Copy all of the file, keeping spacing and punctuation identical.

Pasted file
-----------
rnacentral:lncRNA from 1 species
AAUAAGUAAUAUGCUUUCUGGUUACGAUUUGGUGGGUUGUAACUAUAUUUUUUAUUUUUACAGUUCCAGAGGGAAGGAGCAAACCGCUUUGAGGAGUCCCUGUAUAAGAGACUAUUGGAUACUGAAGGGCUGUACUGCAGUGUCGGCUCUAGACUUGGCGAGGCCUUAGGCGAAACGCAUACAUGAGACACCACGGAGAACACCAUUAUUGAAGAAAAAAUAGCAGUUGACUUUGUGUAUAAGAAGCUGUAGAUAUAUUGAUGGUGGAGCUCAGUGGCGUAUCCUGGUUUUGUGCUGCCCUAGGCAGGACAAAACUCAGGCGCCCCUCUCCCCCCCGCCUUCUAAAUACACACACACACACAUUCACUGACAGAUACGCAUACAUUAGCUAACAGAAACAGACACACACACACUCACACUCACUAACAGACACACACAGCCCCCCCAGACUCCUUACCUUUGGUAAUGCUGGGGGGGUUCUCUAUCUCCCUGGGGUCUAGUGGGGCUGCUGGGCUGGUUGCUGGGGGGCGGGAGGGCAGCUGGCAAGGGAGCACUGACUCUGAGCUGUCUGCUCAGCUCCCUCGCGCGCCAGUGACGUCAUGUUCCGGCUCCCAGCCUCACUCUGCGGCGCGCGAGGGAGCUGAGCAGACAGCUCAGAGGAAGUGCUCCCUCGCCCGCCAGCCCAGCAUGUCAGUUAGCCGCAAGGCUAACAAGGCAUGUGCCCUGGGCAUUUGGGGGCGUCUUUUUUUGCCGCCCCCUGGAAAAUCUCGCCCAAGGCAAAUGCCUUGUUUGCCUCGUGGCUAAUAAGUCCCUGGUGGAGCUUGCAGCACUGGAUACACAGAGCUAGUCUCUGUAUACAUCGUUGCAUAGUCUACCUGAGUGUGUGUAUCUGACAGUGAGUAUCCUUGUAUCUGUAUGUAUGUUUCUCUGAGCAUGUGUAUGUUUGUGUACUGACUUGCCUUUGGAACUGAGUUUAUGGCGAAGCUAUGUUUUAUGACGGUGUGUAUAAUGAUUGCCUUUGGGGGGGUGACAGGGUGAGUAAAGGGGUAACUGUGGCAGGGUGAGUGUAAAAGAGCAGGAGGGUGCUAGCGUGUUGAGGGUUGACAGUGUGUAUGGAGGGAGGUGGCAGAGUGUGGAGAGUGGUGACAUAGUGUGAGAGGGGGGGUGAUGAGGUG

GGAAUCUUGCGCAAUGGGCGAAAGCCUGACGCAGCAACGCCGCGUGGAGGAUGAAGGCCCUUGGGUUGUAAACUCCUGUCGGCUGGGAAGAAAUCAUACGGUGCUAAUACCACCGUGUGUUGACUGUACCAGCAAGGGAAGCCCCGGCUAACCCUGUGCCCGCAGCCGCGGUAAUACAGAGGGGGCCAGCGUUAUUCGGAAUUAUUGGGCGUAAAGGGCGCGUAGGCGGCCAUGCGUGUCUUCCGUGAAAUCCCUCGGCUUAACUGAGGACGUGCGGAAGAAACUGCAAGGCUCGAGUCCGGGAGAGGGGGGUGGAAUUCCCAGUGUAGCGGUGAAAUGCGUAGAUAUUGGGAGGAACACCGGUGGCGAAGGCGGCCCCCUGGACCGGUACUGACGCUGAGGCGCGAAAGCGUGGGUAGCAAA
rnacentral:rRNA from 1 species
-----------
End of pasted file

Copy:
rnacentral:lncRNA from 1 species
AAUAAGUAAUAUGCUUUCUGGUUACGAUUUGGUGGGUUGUAACUAUAUUUUUUAUUUUUACAGUUCCAGAGGGAAGGAGCAAACCGCUUUGAGGAGUCCCUGUAUAAGAGACUAUUGGAUACUGAAGGGCUGUACUGCAGUGUCGGCUCUAGACUUGGCGAGGCCUUAGGCGAAACGCAUACAUGAGACACCACGGAGAACACCAUUAUUGAAGAAAAAAUAGCAGUUGACUUUGUGUAUAAGAAGCUGUAGAUAUAUUGAUGGUGGAGCUCAGUGGCGUAUCCUGGUUUUGUGCUGCCCUAGGCAGGACAAAACUCAGGCGCCCCUCUCCCCCCCGCCUUCUAAAUACACACACACACACAUUCACUGACAGAUACGCAUACAUUAGCUAACAGAAACAGACACACACACACUCACACUCACUAACAGACACACACAGCCCCCCCAGACUCCUUACCUUUGGUAAUGCUGGGGGGGUUCUCUAUCUCCCUGGGGUCUAGUGGGGCUGCUGGGCUGGUUGCUGGGGGGCGGGAGGGCAGCUGGCAAGGGAGCACUGACUCUGAGCUGUCUGCUCAGCUCCCUCGCGCGCCAGUGACGUCAUGUUCCGGCUCCCAGCCUCACUCUGCGGCGCGCGAGGGAGCUGAGCAGACAGCUCAGAGGAAGUGCUCCCUCGCCCGCCAGCCCAGCAUGUCAGUUAGCCGCAAGGCUAACAAGGCAUGUGCCCUGGGCAUUUGGGGGCGUCUUUUUUUGCCGCCCCCUGGAAAAUCUCGCCCAAGGCAAAUGCCUUGUUUGCCUCGUGGCUAAUAAGUCCCUGGUGGAGCUUGCAGCACUGGAUACACAGAGCUAGUCUCUGUAUACAUCGUUGCAUAGUCUACCUGAGUGUGUGUAUCUGACAGUGAGUAUCCUUGUAUCUGUAUGUAUGUUUCUCUGAGCAUGUGUAUGUUUGUGUACUGACUUGCCUUUGGAACUGAGUUUAUGGCGAAGCUAUGUUUUAUGACGGUGUGUAUAAUGAUUGCCUUUGGGGGGGUGACAGGGUGAGUAAAGGGGUAACUGUGGCAGGGUGAGUGUAAAAGAGCAGGAGGGUGCUAGCGUGUUGAGGGUUGACAGUGUGUAUGGAGGGAGGUGGCAGAGUGUGGAGAGUGGUGACAUAGUGUGAGAGGGGGGGUGAUGAGGUG

GGAAUCUUGCGCAAUGGGCGAAAGCCUGACGCAGCAACGCCGCGUGGAGGAUGAAGGCCCUUGGGUUGUAAACUCCUGUCGGCUGGGAAGAAAUCAUACGGUGCUAAUACCACCGUGUGUUGACUGUACCAGCAAGGGAAGCCCCGGCUAACCCUGUGCCCGCAGCCGCGGUAAUACAGAGGGGGCCAGCGUUAUUCGGAAUUAUUGGGCGUAAAGGGCGCGUAGGCGGCCAUGCGUGUCUUCCGUGAAAUCCCUCGGCUUAACUGAGGACGUGCGGAAGAAACUGCAAGGCUCGAGUCCGGGAGAGGGGGGUGGAAUUCCCAGUGUAGCGGUGAAAUGCGUAGAUAUUGGGAGGAACACCGGUGGCGAAGGCGGCCCCCUGGACCGGUACUGACGCUGAGGCGCGAAAGCGUGGGUAGCAAA
rnacentral:rRNA from 1 species